The proposal is strongly opposed by deans at schools with part-time programs designed for students who are years past college graduation and often well into careers outside the law. They warn that a school's place on the U.S. News list is so important that some schools would drop the part-time programs rather than list lower in the national rankings.(Hat-tip to Paul for focusing us on this quote.) But there's more. In the very next paragraph of the article, Bill Treanor, the dean of Fordham Law School, clarifies how this change to the USNWR rankings would affect schools with part-time programs:
"If U.S. News starts combining the [LSAT and UGPA] scores of full-time and part-time students, the pressure to end evening schools will become overwhelming . . . ."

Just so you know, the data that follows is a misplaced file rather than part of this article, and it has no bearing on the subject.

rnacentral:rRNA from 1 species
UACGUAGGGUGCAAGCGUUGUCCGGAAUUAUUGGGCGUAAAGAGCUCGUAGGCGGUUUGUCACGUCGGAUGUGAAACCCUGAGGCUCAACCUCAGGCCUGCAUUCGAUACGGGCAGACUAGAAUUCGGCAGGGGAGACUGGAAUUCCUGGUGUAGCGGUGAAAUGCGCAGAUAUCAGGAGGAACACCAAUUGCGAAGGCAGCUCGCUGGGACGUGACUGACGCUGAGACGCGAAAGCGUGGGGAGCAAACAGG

Nigel Tufnel: The numbers all go to eleven. Look, right across the board, eleven, eleven, eleven, and . . . .Marty DiBergi: Oh, I see. And most amps go up to ten?Nigel Tufnel: Exactly.Marty DiBergi: Does that mean it's louder? Is it any louder?Nigel Tufnel: Well, it's one louder, isn't it? It's not ten. You see, most blokes will be playing at ten. You're on ten here, all the way up, all the way up, all the way up, you're on ten on your guitar. Where can you go from there? Where?Marty DiBergi: I don't know.Nigel Tufnel: Nowhere. Exactly. What we do is, if we need that extra push over the cliff, you know what we do?Marty DiBergi: Put it up to eleven.Nigel Tufnel: Eleven. Exactly. One louder.Marty DiBergi: Why don't you make ten louder and make ten be the top number and make that a little louder?Nigel Tufnel: [pause] These go to eleven.